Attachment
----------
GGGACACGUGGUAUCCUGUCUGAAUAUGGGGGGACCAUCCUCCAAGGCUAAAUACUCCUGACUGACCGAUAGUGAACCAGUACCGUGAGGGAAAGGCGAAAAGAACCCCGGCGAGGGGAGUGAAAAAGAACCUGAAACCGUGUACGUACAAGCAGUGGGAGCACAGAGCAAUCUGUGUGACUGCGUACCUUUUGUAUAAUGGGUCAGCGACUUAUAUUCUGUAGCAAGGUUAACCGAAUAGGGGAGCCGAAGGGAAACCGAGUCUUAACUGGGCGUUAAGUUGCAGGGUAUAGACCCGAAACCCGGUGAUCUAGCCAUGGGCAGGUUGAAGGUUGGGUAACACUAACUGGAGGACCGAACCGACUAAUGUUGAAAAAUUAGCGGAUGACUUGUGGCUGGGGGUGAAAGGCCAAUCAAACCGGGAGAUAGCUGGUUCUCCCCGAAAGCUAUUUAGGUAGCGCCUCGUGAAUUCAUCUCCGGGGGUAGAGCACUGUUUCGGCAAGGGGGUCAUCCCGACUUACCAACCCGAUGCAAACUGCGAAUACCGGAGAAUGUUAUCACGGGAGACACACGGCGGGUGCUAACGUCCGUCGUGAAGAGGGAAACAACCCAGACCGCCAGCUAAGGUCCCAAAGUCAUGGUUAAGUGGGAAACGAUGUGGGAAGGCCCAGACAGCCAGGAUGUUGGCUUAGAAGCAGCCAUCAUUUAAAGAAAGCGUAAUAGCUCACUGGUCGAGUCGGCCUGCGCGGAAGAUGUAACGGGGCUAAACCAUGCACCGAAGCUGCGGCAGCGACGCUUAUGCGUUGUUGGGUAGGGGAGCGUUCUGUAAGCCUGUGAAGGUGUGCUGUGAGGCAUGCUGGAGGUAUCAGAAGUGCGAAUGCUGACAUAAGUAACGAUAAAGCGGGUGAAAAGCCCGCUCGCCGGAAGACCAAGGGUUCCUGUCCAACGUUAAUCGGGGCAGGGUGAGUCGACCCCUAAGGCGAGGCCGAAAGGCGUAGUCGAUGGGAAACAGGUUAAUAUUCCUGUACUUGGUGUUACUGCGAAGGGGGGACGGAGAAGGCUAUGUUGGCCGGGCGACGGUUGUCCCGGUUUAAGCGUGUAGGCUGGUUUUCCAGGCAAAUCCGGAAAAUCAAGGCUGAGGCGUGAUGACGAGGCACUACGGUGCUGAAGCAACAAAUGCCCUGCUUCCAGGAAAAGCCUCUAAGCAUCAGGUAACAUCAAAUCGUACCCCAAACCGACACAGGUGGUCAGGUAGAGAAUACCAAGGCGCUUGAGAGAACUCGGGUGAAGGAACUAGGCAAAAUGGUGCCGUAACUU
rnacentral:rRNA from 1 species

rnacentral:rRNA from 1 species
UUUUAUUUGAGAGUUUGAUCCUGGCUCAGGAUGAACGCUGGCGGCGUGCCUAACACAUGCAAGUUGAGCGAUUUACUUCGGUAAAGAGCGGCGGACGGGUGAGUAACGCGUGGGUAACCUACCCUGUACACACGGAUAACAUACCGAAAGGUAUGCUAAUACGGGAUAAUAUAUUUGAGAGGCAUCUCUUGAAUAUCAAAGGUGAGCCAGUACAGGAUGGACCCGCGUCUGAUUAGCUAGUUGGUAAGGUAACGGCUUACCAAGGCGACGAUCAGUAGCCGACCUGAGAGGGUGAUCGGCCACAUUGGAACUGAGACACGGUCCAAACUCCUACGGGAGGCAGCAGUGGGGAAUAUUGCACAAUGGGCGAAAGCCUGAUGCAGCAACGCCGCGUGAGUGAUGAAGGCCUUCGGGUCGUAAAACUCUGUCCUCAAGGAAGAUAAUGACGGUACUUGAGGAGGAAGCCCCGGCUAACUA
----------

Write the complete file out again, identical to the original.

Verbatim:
GGGACACGUGGUAUCCUGUCUGAAUAUGGGGGGACCAUCCUCCAAGGCUAAAUACUCCUGACUGACCGAUAGUGAACCAGUACCGUGAGGGAAAGGCGAAAAGAACCCCGGCGAGGGGAGUGAAAAAGAACCUGAAACCGUGUACGUACAAGCAGUGGGAGCACAGAGCAAUCUGUGUGACUGCGUACCUUUUGUAUAAUGGGUCAGCGACUUAUAUUCUGUAGCAAGGUUAACCGAAUAGGGGAGCCGAAGGGAAACCGAGUCUUAACUGGGCGUUAAGUUGCAGGGUAUAGACCCGAAACCCGGUGAUCUAGCCAUGGGCAGGUUGAAGGUUGGGUAACACUAACUGGAGGACCGAACCGACUAAUGUUGAAAAAUUAGCGGAUGACUUGUGGCUGGGGGUGAAAGGCCAAUCAAACCGGGAGAUAGCUGGUUCUCCCCGAAAGCUAUUUAGGUAGCGCCUCGUGAAUUCAUCUCCGGGGGUAGAGCACUGUUUCGGCAAGGGGGUCAUCCCGACUUACCAACCCGAUGCAAACUGCGAAUACCGGAGAAUGUUAUCACGGGAGACACACGGCGGGUGCUAACGUCCGUCGUGAAGAGGGAAACAACCCAGACCGCCAGCUAAGGUCCCAAAGUCAUGGUUAAGUGGGAAACGAUGUGGGAAGGCCCAGACAGCCAGGAUGUUGGCUUAGAAGCAGCCAUCAUUUAAAGAAAGCGUAAUAGCUCACUGGUCGAGUCGGCCUGCGCGGAAGAUGUAACGGGGCUAAACCAUGCACCGAAGCUGCGGCAGCGACGCUUAUGCGUUGUUGGGUAGGGGAGCGUUCUGUAAGCCUGUGAAGGUGUGCUGUGAGGCAUGCUGGAGGUAUCAGAAGUGCGAAUGCUGACAUAAGUAACGAUAAAGCGGGUGAAAAGCCCGCUCGCCGGAAGACCAAGGGUUCCUGUCCAACGUUAAUCGGGGCAGGGUGAGUCGACCCCUAAGGCGAGGCCGAAAGGCGUAGUCGAUGGGAAACAGGUUAAUAUUCCUGUACUUGGUGUUACUGCGAAGGGGGGACGGAGAAGGCUAUGUUGGCCGGGCGACGGUUGUCCCGGUUUAAGCGUGUAGGCUGGUUUUCCAGGCAAAUCCGGAAAAUCAAGGCUGAGGCGUGAUGACGAGGCACUACGGUGCUGAAGCAACAAAUGCCCUGCUUCCAGGAAAAGCCUCUAAGCAUCAGGUAACAUCAAAUCGUACCCCAAACCGACACAGGUGGUCAGGUAGAGAAUACCAAGGCGCUUGAGAGAACUCGGGUGAAGGAACUAGGCAAAAUGGUGCCGUAACUU
rnacentral:rRNA from 1 species

rnacentral:rRNA from 1 species
UUUUAUUUGAGAGUUUGAUCCUGGCUCAGGAUGAACGCUGGCGGCGUGCCUAACACAUGCAAGUUGAGCGAUUUACUUCGGUAAAGAGCGGCGGACGGGUGAGUAACGCGUGGGUAACCUACCCUGUACACACGGAUAACAUACCGAAAGGUAUGCUAAUACGGGAUAAUAUAUUUGAGAGGCAUCUCUUGAAUAUCAAAGGUGAGCCAGUACAGGAUGGACCCGCGUCUGAUUAGCUAGUUGGUAAGGUAACGGCUUACCAAGGCGACGAUCAGUAGCCGACCUGAGAGGGUGAUCGGCCACAUUGGAACUGAGACACGGUCCAAACUCCUACGGGAGGCAGCAGUGGGGAAUAUUGCACAAUGGGCGAAAGCCUGAUGCAGCAACGCCGCGUGAGUGAUGAAGGCCUUCGGGUCGUAAAACUCUGUCCUCAAGGAAGAUAAUGACGGUACUUGAGGAGGAAGCCCCGGCUAACUA